We'll Just Talk About The Murder

Agent Ramiel walked around the corner to his nondescript black Ford, got in and drove two blocks away from the crime scene. The details were burned into his eyes like afterimages. The detective's words kept coming up in his mind like an irritating song, "She was a nice girl, a waitress. She wasn't a whore."

He parked in front of Clark’s drugstore, killed the engine and sat there watching the red-and-blue neon mortar and pestle sign blink and spin while he waited. He wondered if his would-be informant would actually show up, she was new, someone referred by a friend to his under the table network of eyes on the street.

He needn't have worried. Ten minutes later a striking young woman with improbable red hair paused next to his car. She wore an equally vibrant shade of red lipstick and an attractive turquoise colored summer dress. He glanced at her neutrally and watched while she rummaged through her red handbag and pulled out a compact.

He rolled down his window as she powdered her nose.  “Excuse me, Miss, did you make a phone call earlier this morning?”

She met his eyes over the edge of her compact. “Maybe, who’s asking?” she answered cautiously, scanning the sidewalk and windows around them. Her hands were shaking and her vivid blue eyes were glassy.

“I’m Agent Ramiel. Have you had your breakfast? There’s a diner a few blocks away from here, isn’t there?”

She pulled out a tube of lipstick and tried to reapply it with slow, forced nonchalance, but her lips quivered and she messed up the line. “Goddamn it,” she cursed under her breath. “I don’t think I’m ever gonna eat breakfast again.” She capped the lipstick hastily, dropped it back in her purse and pulled out a handkerchief to dab away the errant color.

“I understand,” he said kindly. “How about a cup of coffee then? It will get us off the street and we can talk a bit.”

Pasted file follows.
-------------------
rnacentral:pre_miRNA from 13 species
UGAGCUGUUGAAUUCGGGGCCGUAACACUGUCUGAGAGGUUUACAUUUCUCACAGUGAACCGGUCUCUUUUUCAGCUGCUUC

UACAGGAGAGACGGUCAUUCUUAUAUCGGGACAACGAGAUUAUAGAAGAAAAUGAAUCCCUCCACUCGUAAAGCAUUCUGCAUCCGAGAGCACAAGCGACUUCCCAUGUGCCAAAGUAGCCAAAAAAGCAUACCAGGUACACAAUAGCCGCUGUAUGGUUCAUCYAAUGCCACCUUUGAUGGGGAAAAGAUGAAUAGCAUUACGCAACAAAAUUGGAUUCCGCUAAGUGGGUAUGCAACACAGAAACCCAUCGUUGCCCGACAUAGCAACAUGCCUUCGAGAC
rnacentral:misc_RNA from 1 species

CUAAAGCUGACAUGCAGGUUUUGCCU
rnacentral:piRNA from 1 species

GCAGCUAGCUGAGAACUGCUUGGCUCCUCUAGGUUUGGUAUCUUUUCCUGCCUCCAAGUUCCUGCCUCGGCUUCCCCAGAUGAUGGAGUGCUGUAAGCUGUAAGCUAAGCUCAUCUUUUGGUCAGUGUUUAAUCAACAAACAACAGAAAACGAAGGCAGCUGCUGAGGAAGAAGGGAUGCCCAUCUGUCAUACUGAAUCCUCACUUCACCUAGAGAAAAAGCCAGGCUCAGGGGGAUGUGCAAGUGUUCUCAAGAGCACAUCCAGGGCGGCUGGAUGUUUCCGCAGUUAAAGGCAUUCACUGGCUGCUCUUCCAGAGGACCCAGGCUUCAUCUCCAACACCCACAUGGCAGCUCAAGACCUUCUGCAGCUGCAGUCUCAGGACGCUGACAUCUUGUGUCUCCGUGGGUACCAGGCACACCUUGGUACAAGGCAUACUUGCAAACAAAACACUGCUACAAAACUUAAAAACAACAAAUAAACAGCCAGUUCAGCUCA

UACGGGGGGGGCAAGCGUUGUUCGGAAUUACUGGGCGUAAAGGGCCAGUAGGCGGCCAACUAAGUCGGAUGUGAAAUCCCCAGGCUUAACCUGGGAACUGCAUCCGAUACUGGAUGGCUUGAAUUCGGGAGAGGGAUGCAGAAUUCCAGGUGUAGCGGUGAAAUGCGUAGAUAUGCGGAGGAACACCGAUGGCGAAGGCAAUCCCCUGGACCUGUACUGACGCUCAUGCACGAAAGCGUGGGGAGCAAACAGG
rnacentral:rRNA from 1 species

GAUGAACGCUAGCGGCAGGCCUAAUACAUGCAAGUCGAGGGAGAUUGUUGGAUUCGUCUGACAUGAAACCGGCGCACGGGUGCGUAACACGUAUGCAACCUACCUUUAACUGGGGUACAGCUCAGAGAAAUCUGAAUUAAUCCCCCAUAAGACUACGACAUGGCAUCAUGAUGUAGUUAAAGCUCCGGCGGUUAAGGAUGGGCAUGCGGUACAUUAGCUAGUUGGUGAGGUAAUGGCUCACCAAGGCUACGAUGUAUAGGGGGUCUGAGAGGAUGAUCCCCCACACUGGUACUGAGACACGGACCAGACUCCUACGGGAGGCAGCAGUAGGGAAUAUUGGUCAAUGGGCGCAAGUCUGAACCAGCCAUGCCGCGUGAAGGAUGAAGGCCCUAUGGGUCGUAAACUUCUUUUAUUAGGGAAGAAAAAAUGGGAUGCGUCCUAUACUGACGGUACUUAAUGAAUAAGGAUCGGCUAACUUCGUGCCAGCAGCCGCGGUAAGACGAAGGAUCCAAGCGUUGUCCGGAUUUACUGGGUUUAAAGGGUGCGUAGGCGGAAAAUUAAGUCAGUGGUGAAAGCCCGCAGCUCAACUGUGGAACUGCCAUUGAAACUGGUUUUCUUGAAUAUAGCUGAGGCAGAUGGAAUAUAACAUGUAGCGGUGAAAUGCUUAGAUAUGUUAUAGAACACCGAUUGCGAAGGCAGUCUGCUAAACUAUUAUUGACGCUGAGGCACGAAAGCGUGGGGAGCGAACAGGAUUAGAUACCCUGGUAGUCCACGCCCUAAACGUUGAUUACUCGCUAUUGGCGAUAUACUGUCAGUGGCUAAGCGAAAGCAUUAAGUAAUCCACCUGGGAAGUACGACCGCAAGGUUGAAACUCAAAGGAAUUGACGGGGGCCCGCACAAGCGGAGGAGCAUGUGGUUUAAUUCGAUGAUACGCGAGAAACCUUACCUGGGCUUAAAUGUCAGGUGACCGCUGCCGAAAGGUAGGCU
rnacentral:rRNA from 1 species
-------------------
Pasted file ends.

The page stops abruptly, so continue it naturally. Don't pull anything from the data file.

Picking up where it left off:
She glanced up suspiciously, the handkerchief half way to her mouth. “Nobody said anything about talking.” She glanced around nervously, “I made the call, I get a reward. Right?”  She shifted her weight from one foot to the other and back again. Her red patent leather pumps, while fetching to the eye, appeared to be cruel on the arches. “Anyhow, it’s way past my bedtime, if you catch my meaning.”

He smiled. Her coloring made her look like a painted carousel pony in the early morning sunlight. “Having a cup of coffee would be more discreet then standing next to my car and taking money through the window.”

She frowned and snapped her compact closed. He had her there.  

“Please talk to me, I won’t take very much of your time and I’ll pay extra, Miss…?”

She hesitated. “Ruby. Just Ruby.”  

He tipped his hat. “Pleasure to meet you Ruby, my name is Ramiel, Agent Ramiel.”  

“Yeah, you told me already,” she commented, as she narrowed her eyes and looked over the interior of his car in an appraising manner. Her gaze seemed to note each item and weigh it in some personal scheme of judgement--his camera case beside him on the seat, a fine, well-used brown leather satchel, open and brimming with files, the day's newspaper hastily refolded, his light weight grey suit coat laid over the back of the passenger seat. The car was clean, but he became aware of how very lived in it must appear to her. He thought it was a good thing she couldn't see inside the trunk.

She abruptly met his eyes again and seemed to continue her assessment. “I didn’t believe you were for real when Belinda told me about you.” She dropped her compact back in her purse. “How do you know her? You a trick?”

He glanced at her upper lip, at the place where the lipstick had gone astray over the edge. She’d forgotten to fix it. He had an urge to reach out and smooth the line with his finger. He met her eyes with a calm, steady gaze. “No.  I’m just a friend.”

She nodded and looked away, perhaps unconvinced, scanning the street again for observers. “The nearest diner’s called Jack Flap’s. It’s three blocks down, one to the left.”

He leaned over to unlock the passenger door. “Don’t bother,” she said quickly. He looked up at her, puzzled.   

“You’re getting ahead of yourself, mister, if you think I’m getting in a car with you.” She turned briskly and started walking. She didn’t look like her feet hurt once she started moving. “I’ll meet you there,” she said over her shoulder.  

He watched her go and thought about Belinda as he started up his car.